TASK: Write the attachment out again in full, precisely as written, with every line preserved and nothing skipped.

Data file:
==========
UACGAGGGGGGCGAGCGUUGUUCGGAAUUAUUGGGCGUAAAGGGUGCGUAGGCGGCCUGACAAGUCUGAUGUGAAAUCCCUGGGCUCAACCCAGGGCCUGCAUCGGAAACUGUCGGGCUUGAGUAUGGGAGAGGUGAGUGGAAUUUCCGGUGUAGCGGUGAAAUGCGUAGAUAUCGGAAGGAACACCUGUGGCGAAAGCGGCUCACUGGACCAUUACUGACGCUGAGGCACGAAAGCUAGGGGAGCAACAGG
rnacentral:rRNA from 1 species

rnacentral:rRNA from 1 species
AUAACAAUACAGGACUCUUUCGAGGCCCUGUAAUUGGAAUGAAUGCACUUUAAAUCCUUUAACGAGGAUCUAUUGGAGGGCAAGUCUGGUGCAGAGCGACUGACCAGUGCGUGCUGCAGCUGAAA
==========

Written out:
UACGAGGGGGGCGAGCGUUGUUCGGAAUUAUUGGGCGUAAAGGGUGCGUAGGCGGCCUGACAAGUCUGAUGUGAAAUCCCUGGGCUCAACCCAGGGCCUGCAUCGGAAACUGUCGGGCUUGAGUAUGGGAGAGGUGAGUGGAAUUUCCGGUGUAGCGGUGAAAUGCGUAGAUAUCGGAAGGAACACCUGUGGCGAAAGCGGCUCACUGGACCAUUACUGACGCUGAGGCACGAAAGCUAGGGGAGCAACAGG
rnacentral:rRNA from 1 species

rnacentral:rRNA from 1 species
AUAACAAUACAGGACUCUUUCGAGGCCCUGUAAUUGGAAUGAAUGCACUUUAAAUCCUUUAACGAGGAUCUAUUGGAGGGCAAGUCUGGUGCAGAGCGACUGACCAGUGCGUGCUGCAGCUGAAA